Neurofibromatosis type 1 (NF1) is a common monogenic disorder caused by germline mutations in a single copy of the NF1 gene. While NF1 is inherited in an autosomal dominant fashion and is completely penetrant, patients heterogeneously exhibit a wide variety of clinical features, including neurodevelopmental delays and cognitive deficits, central and peripheral nervous system tumors, and musculoskeletal and pigmentary abnormalities. Although the genetic basis for NF1 is well established, the etiologies underlying many of the associated clinical features are not well understood. Moreover, the ability to provide accurate risk assessments is currently limited, and few preclinical models fully recapitulate their human counterparts. With the advent of human induced pluripotent stem cell (hiPSC) technology, it now becomes possible to develop humanized NF1 models to gain greater insights into the pathobiology of NF1, identify and evaluate new therapeutic agents, and discover potential risk factors. In this review, we describe the current state of NF1 hiPSC research and outline potential future directions.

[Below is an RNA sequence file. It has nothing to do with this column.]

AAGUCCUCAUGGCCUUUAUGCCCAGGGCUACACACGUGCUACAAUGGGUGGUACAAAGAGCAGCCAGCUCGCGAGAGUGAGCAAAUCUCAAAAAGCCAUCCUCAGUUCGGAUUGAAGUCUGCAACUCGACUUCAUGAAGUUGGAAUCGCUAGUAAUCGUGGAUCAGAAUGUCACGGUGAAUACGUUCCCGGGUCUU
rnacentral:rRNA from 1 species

Original languageEnglish
Title of host publicationCurrent Progress in iPSC Disease Modeling
Number of pages30
ISBN (Electronic)9780323857659
ISBN (Print)9780323856430
StatePublished - Jan 1 2022


  • Astrocytes
  • Cancer
  • Human induced pluripotent stem cells
  • Microglia
  • Neurofibromatosis
  • Neurons
  • Organoids
  • Ras
  • Stem cells


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